This storm had such a wide diameter and moved so slowly forward during it’s track across the northern Gulf of Mexico, that the rain, storm surge and wind effects caused as much devistation as what would be expected with a faster moving Category 2.

At this hour, the storm is still classified as a Tropical Storm and is making it’s way through the central parts of Louisiana and will be moving through Arkansas and into the Ohio Valley this weekend and into early this coming week. Additional flooding from very heavy rains can be expected in the south and central Midwest over the next several days.

We would like to thank those who sent feedback to us in many forms and we thank you all for allowing the Tropical Storm Research Center in Gulf Shores, Alabama, to be one of your sources of storm information, unofficially. Our staff of analysts and volunteer observers will continue to provide basic, unofficial Tropical Storm information, as we have since 2002.

For up to the minute official advisories and information, please visit the NHC website in Miami:

http://www.nhc.noaa.gov/

We are also providing an interactive Watch and Warning web link for persons who wish to get details on localized conditions:

http://www.nws.noaa.gov/largemap.php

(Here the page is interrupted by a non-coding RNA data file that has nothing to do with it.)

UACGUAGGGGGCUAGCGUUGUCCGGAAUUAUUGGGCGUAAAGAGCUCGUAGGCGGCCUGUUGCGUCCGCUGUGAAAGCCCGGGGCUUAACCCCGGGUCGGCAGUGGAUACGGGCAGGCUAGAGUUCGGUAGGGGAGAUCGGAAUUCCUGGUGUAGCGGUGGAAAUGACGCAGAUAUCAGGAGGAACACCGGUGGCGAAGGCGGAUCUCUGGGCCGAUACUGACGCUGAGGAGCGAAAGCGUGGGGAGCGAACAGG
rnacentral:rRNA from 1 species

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“THIS IS NOT AN OFFICIAL ADVISORY. These updates and advisories are based upon information from our own computer models, NOAA, Local Weather Data Centers, deep water Buoy Data, and other publicly available sources. FOR THE SAFETY OF YOUR PROPERTY AND PERSON, please refer to your Local, State, and Federal Authority updates for Official Advisories and Orders. For up to the minute advisories and official updates, it is essential that you monitor your local Emergency Government, NOAA and Local Media Broadcasts. Please do not make personal safety decisions based upon information presented here in this Unofficial Advisory.”

http://www.wootaah.blogspot.com

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Named Storm Kirk

As previously stated, we will make mention of all NHC named storms. However, some storms will not be followed or reported on by the staff at TSRC.